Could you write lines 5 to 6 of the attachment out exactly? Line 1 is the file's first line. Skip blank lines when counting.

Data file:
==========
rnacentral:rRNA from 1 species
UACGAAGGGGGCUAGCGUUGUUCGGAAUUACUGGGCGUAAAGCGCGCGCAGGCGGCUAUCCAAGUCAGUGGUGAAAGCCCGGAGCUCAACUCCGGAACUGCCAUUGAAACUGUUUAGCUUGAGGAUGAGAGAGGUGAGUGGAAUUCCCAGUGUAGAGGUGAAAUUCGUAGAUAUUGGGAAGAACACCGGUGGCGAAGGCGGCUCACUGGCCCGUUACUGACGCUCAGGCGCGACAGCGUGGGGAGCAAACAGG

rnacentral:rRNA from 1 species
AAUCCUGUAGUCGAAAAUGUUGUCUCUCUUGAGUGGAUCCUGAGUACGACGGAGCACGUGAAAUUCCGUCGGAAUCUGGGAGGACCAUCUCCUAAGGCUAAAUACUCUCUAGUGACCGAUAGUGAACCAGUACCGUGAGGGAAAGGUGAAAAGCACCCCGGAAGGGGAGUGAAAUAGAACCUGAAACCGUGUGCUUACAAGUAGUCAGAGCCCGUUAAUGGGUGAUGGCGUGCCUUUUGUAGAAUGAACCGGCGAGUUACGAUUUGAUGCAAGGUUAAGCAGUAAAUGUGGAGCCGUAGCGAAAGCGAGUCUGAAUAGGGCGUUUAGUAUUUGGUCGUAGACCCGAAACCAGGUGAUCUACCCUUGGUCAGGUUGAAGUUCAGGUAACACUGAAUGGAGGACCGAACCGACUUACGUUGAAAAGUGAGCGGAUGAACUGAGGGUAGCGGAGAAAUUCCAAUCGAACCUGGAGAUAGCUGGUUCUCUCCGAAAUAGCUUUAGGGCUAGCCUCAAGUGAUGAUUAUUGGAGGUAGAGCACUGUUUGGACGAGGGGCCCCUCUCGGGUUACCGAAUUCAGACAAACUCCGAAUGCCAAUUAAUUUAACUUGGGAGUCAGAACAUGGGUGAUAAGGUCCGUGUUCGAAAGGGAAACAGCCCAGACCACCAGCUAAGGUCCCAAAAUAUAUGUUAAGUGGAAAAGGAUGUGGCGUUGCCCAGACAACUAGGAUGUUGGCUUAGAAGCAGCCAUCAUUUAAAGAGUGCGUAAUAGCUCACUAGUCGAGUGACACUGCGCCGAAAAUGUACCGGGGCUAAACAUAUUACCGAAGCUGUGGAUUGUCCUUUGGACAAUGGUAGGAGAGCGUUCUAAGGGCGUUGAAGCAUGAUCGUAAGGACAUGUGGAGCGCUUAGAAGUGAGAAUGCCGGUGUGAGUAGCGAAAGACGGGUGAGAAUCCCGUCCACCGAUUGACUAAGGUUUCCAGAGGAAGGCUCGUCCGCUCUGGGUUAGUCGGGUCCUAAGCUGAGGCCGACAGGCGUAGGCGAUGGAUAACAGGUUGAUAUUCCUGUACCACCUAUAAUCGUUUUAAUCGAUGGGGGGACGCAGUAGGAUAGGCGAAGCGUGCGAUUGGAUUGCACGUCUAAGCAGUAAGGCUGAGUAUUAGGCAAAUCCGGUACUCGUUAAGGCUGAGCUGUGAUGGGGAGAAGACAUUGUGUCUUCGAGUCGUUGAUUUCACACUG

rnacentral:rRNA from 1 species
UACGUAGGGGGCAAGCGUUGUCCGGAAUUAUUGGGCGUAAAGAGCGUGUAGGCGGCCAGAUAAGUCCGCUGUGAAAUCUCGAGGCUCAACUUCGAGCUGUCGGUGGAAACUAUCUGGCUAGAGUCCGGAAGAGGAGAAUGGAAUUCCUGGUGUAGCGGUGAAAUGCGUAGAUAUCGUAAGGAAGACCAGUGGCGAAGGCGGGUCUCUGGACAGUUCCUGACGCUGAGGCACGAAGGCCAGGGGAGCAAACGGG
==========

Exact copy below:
rnacentral:rRNA from 1 species
UACGUAGGGGGCAAGCGUUGUCCGGAAUUAUUGGGCGUAAAGAGCGUGUAGGCGGCCAGAUAAGUCCGCUGUGAAAUCUCGAGGCUCAACUUCGAGCUGUCGGUGGAAACUAUCUGGCUAGAGUCCGGAAGAGGAGAAUGGAAUUCCUGGUGUAGCGGUGAAAUGCGUAGAUAUCGUAAGGAAGACCAGUGGCGAAGGCGGGUCUCUGGACAGUUCCUGACGCUGAGGCACGAAGGCCAGGGGAGCAAACGGG